Davis spices up the classroom and mentors students
"Why is it important to know the history of spices?," a voice spoke up from Bonnie Schweizer's fifth grade class at Evans Elementary. Keean Davis, Adams State College senior, explained how spices were very valuable in earlier centuries, in fact a man with a "house full of black pepper" was considered very wealthy.
Davis, a sociology major with an emphasis in criminology, assists Schweizer in the classroom a few hours a week through the Adams State Lucero Mentor Project. This is his second year working for the Lucero Project, created by a generous donation from alumni Judge Carlos and Dorothy Lucero, through the Adams State Foundation. The intent of the project is to place Adams State students as mentors in area elementary schools to act as role models and provide encouragement and support for students who could use extra attention. There are currently nine Adams State students in the program.
"When I was younger, mentors made a positive difference in my life," Davis said. "I want to do the same." Davis works with all the students in Schweizer's class and one-on-one with individuals. "I appreciate this experience."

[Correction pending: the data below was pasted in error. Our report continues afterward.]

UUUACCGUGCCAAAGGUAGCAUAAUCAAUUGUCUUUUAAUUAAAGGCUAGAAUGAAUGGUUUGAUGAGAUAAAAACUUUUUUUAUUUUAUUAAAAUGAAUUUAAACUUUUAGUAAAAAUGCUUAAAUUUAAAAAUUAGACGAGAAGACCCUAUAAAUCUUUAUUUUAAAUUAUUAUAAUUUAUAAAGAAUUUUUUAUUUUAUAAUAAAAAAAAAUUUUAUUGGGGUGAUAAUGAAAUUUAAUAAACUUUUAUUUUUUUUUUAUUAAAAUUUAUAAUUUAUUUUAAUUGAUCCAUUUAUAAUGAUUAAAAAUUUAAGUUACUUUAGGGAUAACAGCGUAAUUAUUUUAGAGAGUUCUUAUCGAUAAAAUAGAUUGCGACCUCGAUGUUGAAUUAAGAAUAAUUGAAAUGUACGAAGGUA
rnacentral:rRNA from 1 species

Davis puts a culinary arts degree to good use; once a month he leads the class in a nutrition lesson. On November 11, the lecture addressed common spices including chili powder, cinnamon, black pepper, and vanilla. Eager to participate, students added arbitrary comments during the presentation, "my parents don't use pepper,"..."I shake out pepper and salt and eat it,"..."my aunt hates people who only use pepper and salt,"..."I'm a vanilla man,"..."we love to put chili peppers in our soup." Davis remained calm and collected during outbursts and, with the help of Schweizer, quickly refocused the discussion.
After learning the origins of spices, their value to civilizations, what part of the plant they are from, and how they flavor food, the students sampled applesauce flavored with the seasonings. Emily Motz enjoyed the chili powder applesauce, "Keean is fun to joke with." Bailey Brubacher agreed, "He is pretty awesome all the time."
Although his career goals focus on sociology, not classroom instruction, Davis relates to students who struggle to achieve academic and behavior standards. "I know where they are coming from. I experienced some of those same issues." He receives personal satisfaction when individuals he helped earn a good grade. "It makes me happy."
By Linda Relyea